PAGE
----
Olive Kitteridge by Elizabeth Strout
Reviewed by The Oprah Magazine & winner of the Pulitzer Prize, this novel from 2008 can be summed up as a stroll through the boring daily lives of entwined characters in a small town.
The idea of using narratives on many characters & family dynamics to create the sense of community or hidden connections in the town is… well, once originally creative but is now overdone.
There was not a strong plot for the different families to hint at & some could have been removed if the family is not referenced later on or used in the story. It obviously focuses on Olive Kitteridge & husband Henry Kitteridge – spanning from when their son is a young boy to his late 30s. Reviews say they couple has a “complex marriage” – but who doesn’t?!? I felt Henry was a complacent man simply putting up with his hard & moody wife so it was no surprise he sought out companionship & care from another woman. The relationship between Olive & her son is later revealed once the son is older & is in therapy. But none of these relationships gave new insights or seemed “soooo complicated” to me.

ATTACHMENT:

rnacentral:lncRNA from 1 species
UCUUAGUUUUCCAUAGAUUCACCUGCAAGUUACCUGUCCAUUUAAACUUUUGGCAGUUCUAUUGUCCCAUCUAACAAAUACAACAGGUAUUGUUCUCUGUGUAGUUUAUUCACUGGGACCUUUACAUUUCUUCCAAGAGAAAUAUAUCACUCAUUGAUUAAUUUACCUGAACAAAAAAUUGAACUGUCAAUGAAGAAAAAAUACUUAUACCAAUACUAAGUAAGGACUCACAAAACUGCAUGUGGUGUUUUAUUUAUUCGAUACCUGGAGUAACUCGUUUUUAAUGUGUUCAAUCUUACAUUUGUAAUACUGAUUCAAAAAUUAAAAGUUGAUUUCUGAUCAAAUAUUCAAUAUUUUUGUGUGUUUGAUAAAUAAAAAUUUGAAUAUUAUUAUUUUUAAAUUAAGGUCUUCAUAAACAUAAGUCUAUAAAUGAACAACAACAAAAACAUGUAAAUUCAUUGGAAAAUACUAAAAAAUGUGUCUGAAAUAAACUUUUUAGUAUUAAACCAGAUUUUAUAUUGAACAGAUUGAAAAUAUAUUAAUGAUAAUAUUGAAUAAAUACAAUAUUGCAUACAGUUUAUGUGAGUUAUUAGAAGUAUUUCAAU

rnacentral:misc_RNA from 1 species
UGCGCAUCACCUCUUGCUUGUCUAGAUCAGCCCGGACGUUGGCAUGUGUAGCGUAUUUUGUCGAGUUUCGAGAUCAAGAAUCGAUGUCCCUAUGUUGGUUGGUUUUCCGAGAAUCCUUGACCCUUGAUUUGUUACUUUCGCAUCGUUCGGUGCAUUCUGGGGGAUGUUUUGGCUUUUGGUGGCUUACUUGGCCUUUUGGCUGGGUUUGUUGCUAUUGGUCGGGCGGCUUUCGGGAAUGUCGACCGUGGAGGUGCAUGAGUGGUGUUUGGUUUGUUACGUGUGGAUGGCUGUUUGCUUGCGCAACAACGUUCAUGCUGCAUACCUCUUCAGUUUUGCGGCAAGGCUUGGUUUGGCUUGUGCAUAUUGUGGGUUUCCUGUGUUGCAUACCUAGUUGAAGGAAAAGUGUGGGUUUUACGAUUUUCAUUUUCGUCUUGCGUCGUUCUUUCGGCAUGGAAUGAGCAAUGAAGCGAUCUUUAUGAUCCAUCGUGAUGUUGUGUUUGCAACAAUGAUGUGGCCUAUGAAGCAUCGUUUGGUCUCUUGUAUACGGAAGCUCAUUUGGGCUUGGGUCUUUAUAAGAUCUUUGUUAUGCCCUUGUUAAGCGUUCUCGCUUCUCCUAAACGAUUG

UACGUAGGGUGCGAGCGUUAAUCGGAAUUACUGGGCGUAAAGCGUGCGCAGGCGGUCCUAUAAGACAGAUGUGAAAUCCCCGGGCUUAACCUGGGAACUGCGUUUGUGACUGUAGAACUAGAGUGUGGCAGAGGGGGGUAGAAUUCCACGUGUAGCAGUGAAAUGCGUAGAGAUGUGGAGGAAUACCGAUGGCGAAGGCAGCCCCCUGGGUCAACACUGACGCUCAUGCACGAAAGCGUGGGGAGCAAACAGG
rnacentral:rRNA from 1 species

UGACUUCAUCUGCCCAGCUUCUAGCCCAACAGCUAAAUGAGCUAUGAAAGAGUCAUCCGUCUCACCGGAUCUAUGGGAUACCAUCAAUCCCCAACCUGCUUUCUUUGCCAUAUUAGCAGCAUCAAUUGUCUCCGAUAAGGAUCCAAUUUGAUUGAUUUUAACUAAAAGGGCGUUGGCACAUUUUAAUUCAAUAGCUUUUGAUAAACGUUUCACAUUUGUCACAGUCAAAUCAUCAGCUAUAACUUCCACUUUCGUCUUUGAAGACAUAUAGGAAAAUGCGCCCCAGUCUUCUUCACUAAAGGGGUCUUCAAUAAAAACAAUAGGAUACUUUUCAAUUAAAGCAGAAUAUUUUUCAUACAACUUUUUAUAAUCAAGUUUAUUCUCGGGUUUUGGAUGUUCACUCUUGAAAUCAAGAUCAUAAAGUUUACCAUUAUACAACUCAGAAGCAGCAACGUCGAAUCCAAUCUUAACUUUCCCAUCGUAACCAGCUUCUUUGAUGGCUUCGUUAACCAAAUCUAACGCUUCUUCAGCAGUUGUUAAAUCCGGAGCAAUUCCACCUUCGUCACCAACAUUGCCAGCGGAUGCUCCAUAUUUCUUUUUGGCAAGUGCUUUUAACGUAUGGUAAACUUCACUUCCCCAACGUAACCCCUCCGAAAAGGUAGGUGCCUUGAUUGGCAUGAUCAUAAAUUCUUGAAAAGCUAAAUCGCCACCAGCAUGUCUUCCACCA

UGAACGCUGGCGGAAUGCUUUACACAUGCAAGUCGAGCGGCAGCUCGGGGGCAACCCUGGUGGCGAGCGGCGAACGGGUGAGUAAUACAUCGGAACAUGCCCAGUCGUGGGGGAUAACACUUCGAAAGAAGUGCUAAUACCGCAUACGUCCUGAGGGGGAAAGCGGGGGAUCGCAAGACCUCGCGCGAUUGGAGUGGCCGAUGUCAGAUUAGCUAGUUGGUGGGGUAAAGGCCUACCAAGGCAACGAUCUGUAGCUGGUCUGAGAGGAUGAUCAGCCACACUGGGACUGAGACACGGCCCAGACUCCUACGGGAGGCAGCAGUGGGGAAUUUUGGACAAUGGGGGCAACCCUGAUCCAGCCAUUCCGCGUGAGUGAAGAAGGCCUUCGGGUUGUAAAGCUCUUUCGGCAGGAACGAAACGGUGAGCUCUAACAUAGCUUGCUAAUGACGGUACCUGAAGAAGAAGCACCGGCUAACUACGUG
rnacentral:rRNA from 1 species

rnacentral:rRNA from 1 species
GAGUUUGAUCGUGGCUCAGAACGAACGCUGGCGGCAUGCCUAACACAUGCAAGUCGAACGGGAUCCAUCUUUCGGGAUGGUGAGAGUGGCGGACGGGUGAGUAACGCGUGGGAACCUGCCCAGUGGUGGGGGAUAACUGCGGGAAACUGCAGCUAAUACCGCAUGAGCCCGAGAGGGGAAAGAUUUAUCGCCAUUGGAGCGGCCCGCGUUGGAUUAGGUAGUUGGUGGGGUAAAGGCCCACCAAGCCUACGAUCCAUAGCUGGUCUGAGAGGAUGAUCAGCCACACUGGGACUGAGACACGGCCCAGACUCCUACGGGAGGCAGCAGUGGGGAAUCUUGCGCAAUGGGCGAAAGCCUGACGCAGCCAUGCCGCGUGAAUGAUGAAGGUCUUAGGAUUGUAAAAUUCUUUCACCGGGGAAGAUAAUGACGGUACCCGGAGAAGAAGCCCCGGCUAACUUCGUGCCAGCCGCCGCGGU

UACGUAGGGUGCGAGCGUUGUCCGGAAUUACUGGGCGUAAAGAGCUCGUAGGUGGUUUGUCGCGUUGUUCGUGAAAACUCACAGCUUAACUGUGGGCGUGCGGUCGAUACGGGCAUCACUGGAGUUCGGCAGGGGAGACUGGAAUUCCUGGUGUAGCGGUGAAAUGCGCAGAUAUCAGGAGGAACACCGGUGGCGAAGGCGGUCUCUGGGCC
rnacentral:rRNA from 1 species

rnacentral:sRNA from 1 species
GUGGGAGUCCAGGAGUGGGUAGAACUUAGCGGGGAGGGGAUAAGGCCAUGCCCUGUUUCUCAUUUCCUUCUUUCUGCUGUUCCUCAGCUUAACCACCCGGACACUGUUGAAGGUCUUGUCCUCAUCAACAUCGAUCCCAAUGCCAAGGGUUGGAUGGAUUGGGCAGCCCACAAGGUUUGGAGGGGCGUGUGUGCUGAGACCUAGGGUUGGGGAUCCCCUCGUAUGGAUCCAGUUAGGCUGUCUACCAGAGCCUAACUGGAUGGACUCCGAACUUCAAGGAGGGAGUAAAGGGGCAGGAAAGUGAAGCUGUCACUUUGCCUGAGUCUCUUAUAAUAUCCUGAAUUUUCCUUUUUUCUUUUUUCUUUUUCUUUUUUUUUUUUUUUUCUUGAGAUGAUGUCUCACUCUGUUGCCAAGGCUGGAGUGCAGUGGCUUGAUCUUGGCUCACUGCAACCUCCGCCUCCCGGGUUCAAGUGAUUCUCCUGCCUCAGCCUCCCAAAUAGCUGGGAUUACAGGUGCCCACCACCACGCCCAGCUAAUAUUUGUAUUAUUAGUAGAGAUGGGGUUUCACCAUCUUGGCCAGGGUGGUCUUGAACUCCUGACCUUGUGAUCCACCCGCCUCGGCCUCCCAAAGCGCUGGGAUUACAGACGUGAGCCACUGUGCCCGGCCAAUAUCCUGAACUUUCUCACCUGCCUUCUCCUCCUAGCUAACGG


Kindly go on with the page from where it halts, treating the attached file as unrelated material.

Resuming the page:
I felt the time line was too long for one book and the author could have built more into the narratives on how all the families change or reconnect over the years- not just focused on the Kitteridges’ predictable & common lifestyle.
There is a sequel to continue into Olive’s elderly life (I believe she’s in her 70s) but with so many narratives I came away conflicted thinking “I still feel I don’t fully know Olive- some family stories gave insight but I’m still guessing at her character & values.” But also “other family descriptions kept me reading even if they weren’t important- or I would’ve been bored with only Olive’s daily routines”.
I suppose it won the prize not for an astounding plot or new way to develop characters – but based on writing style and forcing readers to read between the lines. Just wasn’t impressed. There were few sentences or pieces that stood out to me as “rare impressive writing” & the small town vibe is annoyingly overdone.
With plenty of pleasant easy reads out there with making daily life, little family gossip, & changing community friendships – I wouldn’t suggest this one stands out in any stellar way.
I noticed they’ve made a tv series on it – maybe watching it play out and added action/drama from screenwriters would be a better format for this tale.